What is a Docker Swarm?
A Docker Swarm is a group of either physical or virtual machines that are running the Docker application and that have been configured to join together in a cluster. Once a group of machines have been clustered together, you can still run the Docker commands that you’re used to, but they will now be carried out by the machines in your cluster. The activities of the cluster are controlled by a swarm manager, and machines that have joined the cluster are referred to as nodes.
What is Docker Swarm used for?
Docker swarm is a container orchestration tool, meaning that it allows the user to manage multiple containers deployed across multiple host machines.
One of the key benefits associated with the operation of a docker swarm is the high level of availability offered for applications. In a docker swarm, there are typically several worker nodes and at least one manager node that is responsible for handling the worker nodes’ resources efficiently and ensuring that the cluster operates efficiently.
We want to configure a swarm two worker nodes and one manager node.
In our example all three hosts will run Ubuntu 18.04, Their hostnames would be
m1: The manager node
c1 and c2: The worker nodes
docker_user: is the user
Create the following file (install_docker.sh)
apt-get -y install apt-transport-https ca-certificates curl gnupg-agent software-properties-common
curl -fsSL https://download.docker.com/linux/ubuntu/gpg | apt-key add -
apt-key fingerprint 0EBFCD88
add-apt-repository "deb [arch=amd64] https://download.docker.com/linux/ubuntu $(lsb_release -cs) stable"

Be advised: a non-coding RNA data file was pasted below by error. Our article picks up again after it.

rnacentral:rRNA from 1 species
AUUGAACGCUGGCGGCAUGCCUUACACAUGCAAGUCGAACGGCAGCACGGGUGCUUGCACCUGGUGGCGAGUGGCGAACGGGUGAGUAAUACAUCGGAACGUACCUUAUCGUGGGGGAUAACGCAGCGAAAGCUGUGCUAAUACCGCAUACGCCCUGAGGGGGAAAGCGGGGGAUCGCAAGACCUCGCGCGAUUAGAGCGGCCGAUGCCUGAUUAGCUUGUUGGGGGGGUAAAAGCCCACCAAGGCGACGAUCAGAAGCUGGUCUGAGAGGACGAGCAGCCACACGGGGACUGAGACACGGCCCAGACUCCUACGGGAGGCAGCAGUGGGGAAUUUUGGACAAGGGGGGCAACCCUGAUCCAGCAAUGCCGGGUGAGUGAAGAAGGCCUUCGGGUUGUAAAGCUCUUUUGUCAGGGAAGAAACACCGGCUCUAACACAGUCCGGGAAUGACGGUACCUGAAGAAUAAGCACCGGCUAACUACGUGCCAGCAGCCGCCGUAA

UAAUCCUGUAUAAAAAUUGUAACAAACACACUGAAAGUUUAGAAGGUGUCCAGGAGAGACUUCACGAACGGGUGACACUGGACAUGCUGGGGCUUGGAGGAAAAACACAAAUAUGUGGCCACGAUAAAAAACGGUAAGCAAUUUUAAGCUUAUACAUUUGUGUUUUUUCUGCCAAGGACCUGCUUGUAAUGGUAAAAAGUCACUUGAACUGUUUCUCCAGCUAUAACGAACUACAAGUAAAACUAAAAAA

apt-get install -y docker-ce=5:18.09.5~3-0~ubuntu-bionic docker-ce-cli=5:18.09.5~3-0~ubuntu-bionic containerd.io
To all three servers copy the script, mark it as executable and do the following:
$ chmod +x install_docker.sh
$ sudo -s
$ sudo usermod -aG docker $(whoami)
Those commands installed docker to all three hosts and added our user to the docker group, this is needed to allow running docker without the use of sudo, don't forget to log-out and log in again to the shell for the group changes to get applied.
Define the swarm manager
If everything goes fine docker should be installed on all three hosts but the swarm is not created yet, On m1 enter the following:
$ docker swarm init --advertise-addr <Host Private IP Address>
Doing this we promote m1 host as the swarm manager, the IP address should be an IP reachable from the workers that we want to join the swarm.
If everything gone well you should see something like the following:
Swarm initialized: current node (xf8ko0iqbmf99iycq039e56bo) is now a manager.To add a worker to this swarm, run the following command:docker swarm join --token SWMTKN-1-65i1n9yxn6flnenxf4vtdewkv3k74acmeldota2j46te5qcw5y-6e2o9b5xtqukjcybzvsrc9l9u 192.168.1.40:2377To add a manager to this swarm, run 'docker swarm join-token manager' and follow the instructions.
This message confirms that the swarm created, this server is the swarm manager and also provides further instructions on how to add more workers or managers, we will need to copy the docker swarm join part and paste it on the c1 and c2 shells
$ docker swarm join --token SWMTKN-1-65i1n9yxn6flnenxf4vtdewkv3k74acmwldotm2j46te5qcw5y-6e2o9b5xtqukjcybzvsrc9l9u 172.31.28.40:2377
If everything gone well you should see the following:
This node joined a swarm as a worker.
Confirming the swarm creation
At m1 shell enter:
$ docker node ls
This command shows the number of nodes that have joined the swarm and their status, the output should be something like this
ID HOSTNAME STATUS AVAILABILITY MANAGER STATUS ENGINE VERSION
xf8kq039e6bo * m1 Ready Active Leader 18.09.5
tmj0lnk1t8ed c1 Ready Active 18.09.5
tdwvq0rq184f c2 Ready Active 18.09.5
All three servers are active and m1 is marked as “Leader”.
I hope you found this article interesting :)